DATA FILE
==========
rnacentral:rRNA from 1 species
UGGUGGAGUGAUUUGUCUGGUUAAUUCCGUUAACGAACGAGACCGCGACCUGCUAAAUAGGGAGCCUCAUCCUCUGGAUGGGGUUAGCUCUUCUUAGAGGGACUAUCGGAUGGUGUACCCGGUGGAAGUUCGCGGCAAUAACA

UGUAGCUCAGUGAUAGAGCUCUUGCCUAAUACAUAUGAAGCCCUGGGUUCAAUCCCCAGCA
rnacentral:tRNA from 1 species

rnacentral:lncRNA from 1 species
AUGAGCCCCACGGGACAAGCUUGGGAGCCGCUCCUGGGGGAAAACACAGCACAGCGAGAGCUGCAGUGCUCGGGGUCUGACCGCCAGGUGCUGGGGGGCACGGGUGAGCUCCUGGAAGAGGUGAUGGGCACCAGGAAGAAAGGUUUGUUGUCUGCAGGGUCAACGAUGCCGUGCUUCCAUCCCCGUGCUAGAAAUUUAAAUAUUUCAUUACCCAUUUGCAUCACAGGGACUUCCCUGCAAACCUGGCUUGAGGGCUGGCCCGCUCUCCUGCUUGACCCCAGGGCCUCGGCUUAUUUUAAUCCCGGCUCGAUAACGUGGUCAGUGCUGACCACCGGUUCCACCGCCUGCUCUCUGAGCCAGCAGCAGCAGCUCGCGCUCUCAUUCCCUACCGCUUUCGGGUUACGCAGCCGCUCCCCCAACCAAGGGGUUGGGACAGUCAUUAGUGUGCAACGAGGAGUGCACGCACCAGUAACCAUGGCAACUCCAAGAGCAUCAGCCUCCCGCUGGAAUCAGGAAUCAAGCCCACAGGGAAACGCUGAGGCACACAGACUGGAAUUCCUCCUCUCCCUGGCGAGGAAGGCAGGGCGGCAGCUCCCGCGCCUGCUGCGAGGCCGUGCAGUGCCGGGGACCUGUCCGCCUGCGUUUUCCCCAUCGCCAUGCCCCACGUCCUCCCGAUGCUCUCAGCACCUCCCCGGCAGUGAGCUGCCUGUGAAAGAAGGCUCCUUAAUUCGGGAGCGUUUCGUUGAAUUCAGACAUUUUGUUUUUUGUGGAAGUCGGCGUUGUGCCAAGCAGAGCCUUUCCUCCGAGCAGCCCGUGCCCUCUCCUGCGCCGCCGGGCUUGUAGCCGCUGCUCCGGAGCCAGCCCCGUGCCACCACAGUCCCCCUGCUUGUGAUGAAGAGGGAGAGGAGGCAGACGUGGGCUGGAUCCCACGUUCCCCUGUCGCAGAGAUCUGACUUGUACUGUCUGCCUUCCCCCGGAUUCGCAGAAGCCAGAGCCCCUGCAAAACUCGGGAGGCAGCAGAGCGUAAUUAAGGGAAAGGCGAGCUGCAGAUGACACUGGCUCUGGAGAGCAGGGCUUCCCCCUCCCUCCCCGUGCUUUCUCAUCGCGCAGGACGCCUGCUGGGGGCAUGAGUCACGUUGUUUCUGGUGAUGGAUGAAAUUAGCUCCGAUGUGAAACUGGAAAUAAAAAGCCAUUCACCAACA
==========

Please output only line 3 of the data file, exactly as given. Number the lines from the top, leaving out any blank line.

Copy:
UGUAGCUCAGUGAUAGAGCUCUUGCCUAAUACAUAUGAAGCCCUGGGUUCAAUCCCCAGCA